To say “idol” implies a statue, but hallows take many forms.

One thing to remember about hallows is that in them, by them, through them, we look upon a god.

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  • Anthony Gresham
    Anthony Gresham says #
    I've read of people feeling the eyes of the other world looking at them through icons. In his book Psionic Power Charles Cosimano

Posted by on in Culture Blogs

b2ap3_thumbnail_Toilet-of-Venus-by-Konstantin-Makovsky.jpg

Venus
sex and love
beauty and enticement
seduction and persuasion
victory and wine
these are your gifts

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Posted by on in Culture Blogs
The Vegan Pagan: Introduction

In the next several weeks, I'll be discussing intersections between veganism and Paganism. As a long-time vegan, animal rights activist and wildlife rescuer, I believe I can bring a perspective to the discussion that might be helpful to vegans and non-vegans alike. But before I do that, I think it's important to lay some groundwork, and that's what this entry is all about.

First, I'd like you to check in with your body and your emotions right now. Take a breath and ask yourself if reading the last paragraph left your neck, shoulders or any other part of your body feeling tight or tense. Consciously release those muscles. Give 'em some love. Now ask your mind, heart and gut if they've thrown up any defenses to the topic at hand. Acknowledge those defenses, if they exist, and remind yourself that you are ultimately in control of your body, your mind and your words. You don't have to let anything in that you don't want to explore, and you don't have to let anything out that hurts others. Now take another breath. Thanks, and good on ya.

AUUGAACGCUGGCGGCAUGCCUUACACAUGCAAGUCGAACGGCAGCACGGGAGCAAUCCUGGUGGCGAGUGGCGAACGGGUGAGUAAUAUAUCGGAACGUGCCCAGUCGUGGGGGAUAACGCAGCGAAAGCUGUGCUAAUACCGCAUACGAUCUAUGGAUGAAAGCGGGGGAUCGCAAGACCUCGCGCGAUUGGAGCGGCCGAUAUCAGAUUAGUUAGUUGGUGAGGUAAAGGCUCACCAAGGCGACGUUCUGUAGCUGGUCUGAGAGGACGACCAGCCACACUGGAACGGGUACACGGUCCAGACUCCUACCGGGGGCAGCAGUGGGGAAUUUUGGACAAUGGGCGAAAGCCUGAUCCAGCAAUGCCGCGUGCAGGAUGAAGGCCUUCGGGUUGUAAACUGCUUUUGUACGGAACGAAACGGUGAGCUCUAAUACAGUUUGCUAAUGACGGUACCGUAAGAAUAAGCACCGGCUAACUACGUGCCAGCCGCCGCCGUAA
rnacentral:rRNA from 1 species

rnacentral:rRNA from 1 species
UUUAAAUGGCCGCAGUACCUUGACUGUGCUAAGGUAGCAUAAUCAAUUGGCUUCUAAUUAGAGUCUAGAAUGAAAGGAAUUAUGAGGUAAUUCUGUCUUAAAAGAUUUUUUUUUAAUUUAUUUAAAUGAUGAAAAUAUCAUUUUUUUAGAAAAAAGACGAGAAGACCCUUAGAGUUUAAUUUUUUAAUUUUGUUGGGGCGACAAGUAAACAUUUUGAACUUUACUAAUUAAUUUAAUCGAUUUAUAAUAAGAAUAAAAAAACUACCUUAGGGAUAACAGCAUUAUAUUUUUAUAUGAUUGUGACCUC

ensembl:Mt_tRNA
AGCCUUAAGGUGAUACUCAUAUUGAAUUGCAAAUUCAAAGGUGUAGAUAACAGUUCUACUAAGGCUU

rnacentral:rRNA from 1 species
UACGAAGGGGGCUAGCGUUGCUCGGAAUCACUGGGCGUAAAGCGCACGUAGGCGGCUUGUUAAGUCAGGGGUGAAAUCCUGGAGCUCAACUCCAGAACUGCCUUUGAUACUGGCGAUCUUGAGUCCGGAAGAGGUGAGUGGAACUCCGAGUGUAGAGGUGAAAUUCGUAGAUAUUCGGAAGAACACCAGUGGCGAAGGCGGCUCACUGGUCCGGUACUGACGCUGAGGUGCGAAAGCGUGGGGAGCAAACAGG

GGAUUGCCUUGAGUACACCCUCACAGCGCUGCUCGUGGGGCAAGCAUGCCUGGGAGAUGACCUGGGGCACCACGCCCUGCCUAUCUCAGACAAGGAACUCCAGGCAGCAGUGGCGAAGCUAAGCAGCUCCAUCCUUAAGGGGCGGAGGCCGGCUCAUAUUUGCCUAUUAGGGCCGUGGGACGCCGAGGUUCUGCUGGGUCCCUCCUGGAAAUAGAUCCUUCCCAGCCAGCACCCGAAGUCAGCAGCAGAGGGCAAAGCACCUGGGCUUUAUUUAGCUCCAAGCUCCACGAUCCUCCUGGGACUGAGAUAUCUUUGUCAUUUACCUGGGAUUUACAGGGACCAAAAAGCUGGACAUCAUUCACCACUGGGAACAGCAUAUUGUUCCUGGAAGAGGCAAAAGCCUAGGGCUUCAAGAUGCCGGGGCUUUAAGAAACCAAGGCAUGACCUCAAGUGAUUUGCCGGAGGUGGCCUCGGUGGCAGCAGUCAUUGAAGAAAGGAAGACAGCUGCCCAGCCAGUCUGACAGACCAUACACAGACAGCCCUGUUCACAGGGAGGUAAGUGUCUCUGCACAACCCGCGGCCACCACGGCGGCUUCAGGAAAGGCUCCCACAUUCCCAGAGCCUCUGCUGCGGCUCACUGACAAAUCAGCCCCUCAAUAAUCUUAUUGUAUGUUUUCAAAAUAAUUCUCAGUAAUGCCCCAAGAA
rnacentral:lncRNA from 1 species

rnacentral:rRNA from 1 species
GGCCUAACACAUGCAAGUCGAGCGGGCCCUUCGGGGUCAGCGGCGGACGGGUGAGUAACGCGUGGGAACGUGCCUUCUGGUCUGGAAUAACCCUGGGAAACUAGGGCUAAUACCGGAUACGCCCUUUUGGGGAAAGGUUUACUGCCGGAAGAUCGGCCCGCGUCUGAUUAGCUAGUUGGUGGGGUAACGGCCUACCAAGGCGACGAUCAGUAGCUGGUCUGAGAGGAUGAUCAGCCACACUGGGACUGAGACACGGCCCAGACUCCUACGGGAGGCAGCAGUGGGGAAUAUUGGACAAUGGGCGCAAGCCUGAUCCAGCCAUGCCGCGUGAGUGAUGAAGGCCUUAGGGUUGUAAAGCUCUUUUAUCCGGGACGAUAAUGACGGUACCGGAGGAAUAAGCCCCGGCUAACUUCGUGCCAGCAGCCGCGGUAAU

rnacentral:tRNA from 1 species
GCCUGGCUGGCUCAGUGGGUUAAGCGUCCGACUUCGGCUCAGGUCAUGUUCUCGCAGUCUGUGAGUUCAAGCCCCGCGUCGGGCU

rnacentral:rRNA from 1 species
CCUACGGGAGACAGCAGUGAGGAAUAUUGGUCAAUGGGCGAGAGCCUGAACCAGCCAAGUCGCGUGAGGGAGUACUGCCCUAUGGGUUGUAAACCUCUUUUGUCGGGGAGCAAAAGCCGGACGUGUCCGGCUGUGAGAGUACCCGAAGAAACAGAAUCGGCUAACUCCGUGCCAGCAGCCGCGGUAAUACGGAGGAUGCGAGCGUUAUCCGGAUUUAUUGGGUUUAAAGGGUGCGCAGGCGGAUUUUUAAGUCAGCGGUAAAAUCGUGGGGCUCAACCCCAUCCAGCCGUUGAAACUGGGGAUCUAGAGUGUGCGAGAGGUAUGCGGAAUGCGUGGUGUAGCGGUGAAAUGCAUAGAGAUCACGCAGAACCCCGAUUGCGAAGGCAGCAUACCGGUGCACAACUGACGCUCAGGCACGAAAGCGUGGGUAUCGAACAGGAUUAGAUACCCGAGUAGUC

I began with that exercise because many people have strong, negative reactions to veganism, and that's okay. It's a mighty challenging subject. That said, I don't want for this space to be about offense and defense. Yes, I believe in what I'm writing about, and yes, I'll be writing about some challenging things. But I'm first and foremost a fellow traveler on the path, and I'm not here to pass judgement on your plate. I'm also not here to be the recipient of reactionary discourse. So let's be kind to one another around this topic, even when we disagree.

For those of you who plan to comment on this series, there's one other thing I'd like you to do. You might not know this, but vegans are asked the same sorts of questions all the time, so often that there are many articles on the Internet devoted to listing and answering them. So before you ask a 'What about...?' question in the comments, please peruse the fine selection of links below. No disrespect, but I won't be answering those questions here if they should pop up.

Song A Day #810: Vegan Myths Debunked WATCH ME FIRST!
Simple Answers to Vegan FAQs
A response to typical comments vegans hear from non-vegans.
Vegan Outreach - Frequently Asked Questions

Above all, I ask that you hang in there with me while we have this discussion. Pretend you're in my house eating an awesome chocolate chip cookie and drinking the finest tea my prodigious tea cabinet has to offer. Pretend you have strong opinions and I have strong opinions, but we want to keep eating these cookies and drinking this tea because they rock and we want to be friends. Thank you.

Last, but not least, I offer you the beautiful, inspirational and amazing "Vegan Pagan Prayer" written by one of our fellow travelers on the path, Dianne Sylvan. Go read it. You won't be sorry.

I'll see you next month.

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Posted by on in Culture Blogs
Remembering Sparky T. Rabbit (1954-2014)

 

Remembering Sparky 

A Rite of Memorial

and

Crossing the River